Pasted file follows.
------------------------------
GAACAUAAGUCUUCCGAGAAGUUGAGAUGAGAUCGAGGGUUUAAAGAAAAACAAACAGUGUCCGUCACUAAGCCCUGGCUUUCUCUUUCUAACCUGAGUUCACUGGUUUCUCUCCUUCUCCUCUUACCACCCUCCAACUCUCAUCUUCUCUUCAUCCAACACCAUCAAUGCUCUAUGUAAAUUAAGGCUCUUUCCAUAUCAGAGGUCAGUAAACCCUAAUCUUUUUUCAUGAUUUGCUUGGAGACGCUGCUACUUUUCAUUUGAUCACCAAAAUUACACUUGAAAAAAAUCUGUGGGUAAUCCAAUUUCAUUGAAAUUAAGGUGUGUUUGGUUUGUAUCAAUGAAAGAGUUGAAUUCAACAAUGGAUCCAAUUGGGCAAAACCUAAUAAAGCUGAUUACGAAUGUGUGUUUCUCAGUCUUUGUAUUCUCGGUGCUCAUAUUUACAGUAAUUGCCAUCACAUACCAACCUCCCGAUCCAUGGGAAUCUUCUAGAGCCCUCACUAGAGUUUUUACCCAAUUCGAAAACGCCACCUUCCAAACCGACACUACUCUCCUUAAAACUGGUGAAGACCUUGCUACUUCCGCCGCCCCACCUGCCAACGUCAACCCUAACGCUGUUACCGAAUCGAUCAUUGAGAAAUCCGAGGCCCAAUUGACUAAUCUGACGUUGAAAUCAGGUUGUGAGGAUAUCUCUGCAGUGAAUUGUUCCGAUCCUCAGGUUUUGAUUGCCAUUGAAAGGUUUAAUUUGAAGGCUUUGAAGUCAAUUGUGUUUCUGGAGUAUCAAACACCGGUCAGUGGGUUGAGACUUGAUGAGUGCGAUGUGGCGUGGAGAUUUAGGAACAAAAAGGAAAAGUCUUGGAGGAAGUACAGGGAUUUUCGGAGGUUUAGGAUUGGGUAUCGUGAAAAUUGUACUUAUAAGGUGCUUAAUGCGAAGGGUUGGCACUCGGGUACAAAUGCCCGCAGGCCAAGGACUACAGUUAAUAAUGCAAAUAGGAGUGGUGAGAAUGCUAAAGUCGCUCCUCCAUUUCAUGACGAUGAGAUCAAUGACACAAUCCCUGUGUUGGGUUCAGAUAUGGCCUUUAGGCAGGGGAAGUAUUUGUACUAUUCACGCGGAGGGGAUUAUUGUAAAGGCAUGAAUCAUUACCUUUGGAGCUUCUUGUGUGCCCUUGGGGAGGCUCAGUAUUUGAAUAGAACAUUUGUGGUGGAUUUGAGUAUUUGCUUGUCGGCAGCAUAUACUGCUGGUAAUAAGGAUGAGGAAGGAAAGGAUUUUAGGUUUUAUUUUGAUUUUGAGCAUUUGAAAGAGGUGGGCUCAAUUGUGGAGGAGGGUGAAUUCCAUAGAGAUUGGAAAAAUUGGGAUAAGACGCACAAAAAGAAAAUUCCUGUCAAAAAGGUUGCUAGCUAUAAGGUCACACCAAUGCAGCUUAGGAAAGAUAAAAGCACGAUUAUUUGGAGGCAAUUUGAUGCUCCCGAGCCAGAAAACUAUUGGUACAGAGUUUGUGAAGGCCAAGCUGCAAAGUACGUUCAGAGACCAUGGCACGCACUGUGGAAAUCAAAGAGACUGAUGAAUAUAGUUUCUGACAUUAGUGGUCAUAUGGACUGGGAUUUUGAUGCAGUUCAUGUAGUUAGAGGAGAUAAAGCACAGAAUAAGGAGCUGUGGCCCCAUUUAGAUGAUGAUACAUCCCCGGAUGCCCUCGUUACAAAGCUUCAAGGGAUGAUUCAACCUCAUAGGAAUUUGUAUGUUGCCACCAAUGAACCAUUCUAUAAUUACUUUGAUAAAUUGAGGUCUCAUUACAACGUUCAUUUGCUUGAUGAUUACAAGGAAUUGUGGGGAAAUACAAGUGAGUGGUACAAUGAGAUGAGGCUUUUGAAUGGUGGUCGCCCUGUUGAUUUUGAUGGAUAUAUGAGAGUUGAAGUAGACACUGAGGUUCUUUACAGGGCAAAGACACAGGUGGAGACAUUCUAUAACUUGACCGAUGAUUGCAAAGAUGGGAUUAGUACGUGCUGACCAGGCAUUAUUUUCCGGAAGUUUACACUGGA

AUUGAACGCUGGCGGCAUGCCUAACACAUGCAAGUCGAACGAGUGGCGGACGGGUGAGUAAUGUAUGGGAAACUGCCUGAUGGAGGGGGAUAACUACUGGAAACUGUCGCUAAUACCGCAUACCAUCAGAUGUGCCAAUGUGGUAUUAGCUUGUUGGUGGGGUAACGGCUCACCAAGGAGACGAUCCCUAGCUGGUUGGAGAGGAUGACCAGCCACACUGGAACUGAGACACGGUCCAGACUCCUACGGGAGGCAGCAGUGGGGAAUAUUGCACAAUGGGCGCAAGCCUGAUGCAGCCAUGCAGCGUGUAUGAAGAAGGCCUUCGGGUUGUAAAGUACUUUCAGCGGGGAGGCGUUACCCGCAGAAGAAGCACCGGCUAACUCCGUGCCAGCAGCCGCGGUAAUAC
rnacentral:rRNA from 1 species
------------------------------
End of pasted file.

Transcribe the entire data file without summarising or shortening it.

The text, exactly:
GAACAUAAGUCUUCCGAGAAGUUGAGAUGAGAUCGAGGGUUUAAAGAAAAACAAACAGUGUCCGUCACUAAGCCCUGGCUUUCUCUUUCUAACCUGAGUUCACUGGUUUCUCUCCUUCUCCUCUUACCACCCUCCAACUCUCAUCUUCUCUUCAUCCAACACCAUCAAUGCUCUAUGUAAAUUAAGGCUCUUUCCAUAUCAGAGGUCAGUAAACCCUAAUCUUUUUUCAUGAUUUGCUUGGAGACGCUGCUACUUUUCAUUUGAUCACCAAAAUUACACUUGAAAAAAAUCUGUGGGUAAUCCAAUUUCAUUGAAAUUAAGGUGUGUUUGGUUUGUAUCAAUGAAAGAGUUGAAUUCAACAAUGGAUCCAAUUGGGCAAAACCUAAUAAAGCUGAUUACGAAUGUGUGUUUCUCAGUCUUUGUAUUCUCGGUGCUCAUAUUUACAGUAAUUGCCAUCACAUACCAACCUCCCGAUCCAUGGGAAUCUUCUAGAGCCCUCACUAGAGUUUUUACCCAAUUCGAAAACGCCACCUUCCAAACCGACACUACUCUCCUUAAAACUGGUGAAGACCUUGCUACUUCCGCCGCCCCACCUGCCAACGUCAACCCUAACGCUGUUACCGAAUCGAUCAUUGAGAAAUCCGAGGCCCAAUUGACUAAUCUGACGUUGAAAUCAGGUUGUGAGGAUAUCUCUGCAGUGAAUUGUUCCGAUCCUCAGGUUUUGAUUGCCAUUGAAAGGUUUAAUUUGAAGGCUUUGAAGUCAAUUGUGUUUCUGGAGUAUCAAACACCGGUCAGUGGGUUGAGACUUGAUGAGUGCGAUGUGGCGUGGAGAUUUAGGAACAAAAAGGAAAAGUCUUGGAGGAAGUACAGGGAUUUUCGGAGGUUUAGGAUUGGGUAUCGUGAAAAUUGUACUUAUAAGGUGCUUAAUGCGAAGGGUUGGCACUCGGGUACAAAUGCCCGCAGGCCAAGGACUACAGUUAAUAAUGCAAAUAGGAGUGGUGAGAAUGCUAAAGUCGCUCCUCCAUUUCAUGACGAUGAGAUCAAUGACACAAUCCCUGUGUUGGGUUCAGAUAUGGCCUUUAGGCAGGGGAAGUAUUUGUACUAUUCACGCGGAGGGGAUUAUUGUAAAGGCAUGAAUCAUUACCUUUGGAGCUUCUUGUGUGCCCUUGGGGAGGCUCAGUAUUUGAAUAGAACAUUUGUGGUGGAUUUGAGUAUUUGCUUGUCGGCAGCAUAUACUGCUGGUAAUAAGGAUGAGGAAGGAAAGGAUUUUAGGUUUUAUUUUGAUUUUGAGCAUUUGAAAGAGGUGGGCUCAAUUGUGGAGGAGGGUGAAUUCCAUAGAGAUUGGAAAAAUUGGGAUAAGACGCACAAAAAGAAAAUUCCUGUCAAAAAGGUUGCUAGCUAUAAGGUCACACCAAUGCAGCUUAGGAAAGAUAAAAGCACGAUUAUUUGGAGGCAAUUUGAUGCUCCCGAGCCAGAAAACUAUUGGUACAGAGUUUGUGAAGGCCAAGCUGCAAAGUACGUUCAGAGACCAUGGCACGCACUGUGGAAAUCAAAGAGACUGAUGAAUAUAGUUUCUGACAUUAGUGGUCAUAUGGACUGGGAUUUUGAUGCAGUUCAUGUAGUUAGAGGAGAUAAAGCACAGAAUAAGGAGCUGUGGCCCCAUUUAGAUGAUGAUACAUCCCCGGAUGCCCUCGUUACAAAGCUUCAAGGGAUGAUUCAACCUCAUAGGAAUUUGUAUGUUGCCACCAAUGAACCAUUCUAUAAUUACUUUGAUAAAUUGAGGUCUCAUUACAACGUUCAUUUGCUUGAUGAUUACAAGGAAUUGUGGGGAAAUACAAGUGAGUGGUACAAUGAGAUGAGGCUUUUGAAUGGUGGUCGCCCUGUUGAUUUUGAUGGAUAUAUGAGAGUUGAAGUAGACACUGAGGUUCUUUACAGGGCAAAGACACAGGUGGAGACAUUCUAUAACUUGACCGAUGAUUGCAAAGAUGGGAUUAGUACGUGCUGACCAGGCAUUAUUUUCCGGAAGUUUACACUGGA

AUUGAACGCUGGCGGCAUGCCUAACACAUGCAAGUCGAACGAGUGGCGGACGGGUGAGUAAUGUAUGGGAAACUGCCUGAUGGAGGGGGAUAACUACUGGAAACUGUCGCUAAUACCGCAUACCAUCAGAUGUGCCAAUGUGGUAUUAGCUUGUUGGUGGGGUAACGGCUCACCAAGGAGACGAUCCCUAGCUGGUUGGAGAGGAUGACCAGCCACACUGGAACUGAGACACGGUCCAGACUCCUACGGGAGGCAGCAGUGGGGAAUAUUGCACAAUGGGCGCAAGCCUGAUGCAGCCAUGCAGCGUGUAUGAAGAAGGCCUUCGGGUUGUAAAGUACUUUCAGCGGGGAGGCGUUACCCGCAGAAGAAGCACCGGCUAACUCCGUGCCAGCAGCCGCGGUAAUAC
rnacentral:rRNA from 1 species